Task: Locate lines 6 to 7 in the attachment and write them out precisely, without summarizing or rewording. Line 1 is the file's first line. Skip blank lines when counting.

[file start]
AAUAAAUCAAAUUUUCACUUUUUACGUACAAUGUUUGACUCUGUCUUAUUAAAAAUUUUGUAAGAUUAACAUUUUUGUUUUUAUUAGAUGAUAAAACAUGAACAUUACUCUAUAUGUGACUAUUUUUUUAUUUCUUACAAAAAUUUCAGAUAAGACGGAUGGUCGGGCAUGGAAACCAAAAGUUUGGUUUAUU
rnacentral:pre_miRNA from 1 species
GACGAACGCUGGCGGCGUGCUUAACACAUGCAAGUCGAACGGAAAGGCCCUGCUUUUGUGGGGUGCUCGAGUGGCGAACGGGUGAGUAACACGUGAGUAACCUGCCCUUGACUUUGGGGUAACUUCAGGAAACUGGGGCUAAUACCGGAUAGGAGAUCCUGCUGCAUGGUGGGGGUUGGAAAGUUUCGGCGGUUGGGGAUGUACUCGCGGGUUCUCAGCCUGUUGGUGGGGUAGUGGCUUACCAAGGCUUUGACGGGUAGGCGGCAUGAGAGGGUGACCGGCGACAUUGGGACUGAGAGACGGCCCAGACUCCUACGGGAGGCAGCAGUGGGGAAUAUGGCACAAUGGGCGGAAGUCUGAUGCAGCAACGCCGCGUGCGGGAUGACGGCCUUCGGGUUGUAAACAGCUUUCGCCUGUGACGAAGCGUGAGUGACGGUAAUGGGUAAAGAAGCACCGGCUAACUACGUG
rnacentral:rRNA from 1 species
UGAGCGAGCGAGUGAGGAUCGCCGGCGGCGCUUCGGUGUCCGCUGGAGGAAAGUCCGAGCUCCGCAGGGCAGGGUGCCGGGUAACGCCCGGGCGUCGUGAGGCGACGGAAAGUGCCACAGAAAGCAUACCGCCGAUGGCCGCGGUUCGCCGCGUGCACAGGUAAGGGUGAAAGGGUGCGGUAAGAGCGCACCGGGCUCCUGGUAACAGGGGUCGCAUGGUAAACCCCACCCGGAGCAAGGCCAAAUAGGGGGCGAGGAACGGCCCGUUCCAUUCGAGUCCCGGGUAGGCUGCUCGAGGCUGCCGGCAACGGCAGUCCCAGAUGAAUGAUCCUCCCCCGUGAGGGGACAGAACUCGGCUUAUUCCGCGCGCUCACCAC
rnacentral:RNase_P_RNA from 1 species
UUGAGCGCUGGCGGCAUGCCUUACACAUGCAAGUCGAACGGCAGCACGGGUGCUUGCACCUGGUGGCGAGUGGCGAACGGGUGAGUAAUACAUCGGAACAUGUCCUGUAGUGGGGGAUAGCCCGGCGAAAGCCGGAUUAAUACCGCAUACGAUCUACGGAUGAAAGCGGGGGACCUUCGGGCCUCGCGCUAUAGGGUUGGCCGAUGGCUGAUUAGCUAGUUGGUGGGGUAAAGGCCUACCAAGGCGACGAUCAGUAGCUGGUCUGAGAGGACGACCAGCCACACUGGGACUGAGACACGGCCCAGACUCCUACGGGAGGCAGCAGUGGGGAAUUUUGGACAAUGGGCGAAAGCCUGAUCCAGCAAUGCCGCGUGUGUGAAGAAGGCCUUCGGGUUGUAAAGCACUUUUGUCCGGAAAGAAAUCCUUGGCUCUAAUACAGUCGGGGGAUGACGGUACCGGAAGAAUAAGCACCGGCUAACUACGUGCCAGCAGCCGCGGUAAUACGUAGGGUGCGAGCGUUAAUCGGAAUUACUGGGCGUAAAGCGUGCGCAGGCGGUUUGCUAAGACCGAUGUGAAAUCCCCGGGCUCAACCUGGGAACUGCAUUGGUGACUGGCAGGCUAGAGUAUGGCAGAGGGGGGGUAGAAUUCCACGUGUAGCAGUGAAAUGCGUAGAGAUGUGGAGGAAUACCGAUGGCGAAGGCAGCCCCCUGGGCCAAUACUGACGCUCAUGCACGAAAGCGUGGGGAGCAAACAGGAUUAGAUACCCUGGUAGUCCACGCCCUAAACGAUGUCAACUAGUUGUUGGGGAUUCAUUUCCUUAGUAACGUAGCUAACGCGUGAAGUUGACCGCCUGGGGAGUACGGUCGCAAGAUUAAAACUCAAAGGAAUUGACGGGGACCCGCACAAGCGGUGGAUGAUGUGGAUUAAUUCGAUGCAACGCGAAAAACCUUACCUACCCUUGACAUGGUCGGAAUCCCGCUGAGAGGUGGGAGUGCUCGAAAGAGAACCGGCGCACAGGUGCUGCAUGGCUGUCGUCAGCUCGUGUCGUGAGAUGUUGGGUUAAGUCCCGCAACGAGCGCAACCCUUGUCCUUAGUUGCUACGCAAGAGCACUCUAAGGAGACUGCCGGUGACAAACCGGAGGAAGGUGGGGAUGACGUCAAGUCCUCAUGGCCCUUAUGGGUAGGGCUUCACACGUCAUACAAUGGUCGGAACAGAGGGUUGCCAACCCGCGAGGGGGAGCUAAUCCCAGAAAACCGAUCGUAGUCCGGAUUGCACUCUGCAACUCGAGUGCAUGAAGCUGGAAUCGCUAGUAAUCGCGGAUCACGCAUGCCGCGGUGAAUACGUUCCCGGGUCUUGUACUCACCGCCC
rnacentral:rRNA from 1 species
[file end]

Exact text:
rnacentral:RNase_P_RNA from 1 species
UUGAGCGCUGGCGGCAUGCCUUACACAUGCAAGUCGAACGGCAGCACGGGUGCUUGCACCUGGUGGCGAGUGGCGAACGGGUGAGUAAUACAUCGGAACAUGUCCUGUAGUGGGGGAUAGCCCGGCGAAAGCCGGAUUAAUACCGCAUACGAUCUACGGAUGAAAGCGGGGGACCUUCGGGCCUCGCGCUAUAGGGUUGGCCGAUGGCUGAUUAGCUAGUUGGUGGGGUAAAGGCCUACCAAGGCGACGAUCAGUAGCUGGUCUGAGAGGACGACCAGCCACACUGGGACUGAGACACGGCCCAGACUCCUACGGGAGGCAGCAGUGGGGAAUUUUGGACAAUGGGCGAAAGCCUGAUCCAGCAAUGCCGCGUGUGUGAAGAAGGCCUUCGGGUUGUAAAGCACUUUUGUCCGGAAAGAAAUCCUUGGCUCUAAUACAGUCGGGGGAUGACGGUACCGGAAGAAUAAGCACCGGCUAACUACGUGCCAGCAGCCGCGGUAAUACGUAGGGUGCGAGCGUUAAUCGGAAUUACUGGGCGUAAAGCGUGCGCAGGCGGUUUGCUAAGACCGAUGUGAAAUCCCCGGGCUCAACCUGGGAACUGCAUUGGUGACUGGCAGGCUAGAGUAUGGCAGAGGGGGGGUAGAAUUCCACGUGUAGCAGUGAAAUGCGUAGAGAUGUGGAGGAAUACCGAUGGCGAAGGCAGCCCCCUGGGCCAAUACUGACGCUCAUGCACGAAAGCGUGGGGAGCAAACAGGAUUAGAUACCCUGGUAGUCCACGCCCUAAACGAUGUCAACUAGUUGUUGGGGAUUCAUUUCCUUAGUAACGUAGCUAACGCGUGAAGUUGACCGCCUGGGGAGUACGGUCGCAAGAUUAAAACUCAAAGGAAUUGACGGGGACCCGCACAAGCGGUGGAUGAUGUGGAUUAAUUCGAUGCAACGCGAAAAACCUUACCUACCCUUGACAUGGUCGGAAUCCCGCUGAGAGGUGGGAGUGCUCGAAAGAGAACCGGCGCACAGGUGCUGCAUGGCUGUCGUCAGCUCGUGUCGUGAGAUGUUGGGUUAAGUCCCGCAACGAGCGCAACCCUUGUCCUUAGUUGCUACGCAAGAGCACUCUAAGGAGACUGCCGGUGACAAACCGGAGGAAGGUGGGGAUGACGUCAAGUCCUCAUGGCCCUUAUGGGUAGGGCUUCACACGUCAUACAAUGGUCGGAACAGAGGGUUGCCAACCCGCGAGGGGGAGCUAAUCCCAGAAAACCGAUCGUAGUCCGGAUUGCACUCUGCAACUCGAGUGCAUGAAGCUGGAAUCGCUAGUAAUCGCGGAUCACGCAUGCCGCGGUGAAUACGUUCCCGGGUCUUGUACUCACCGCCC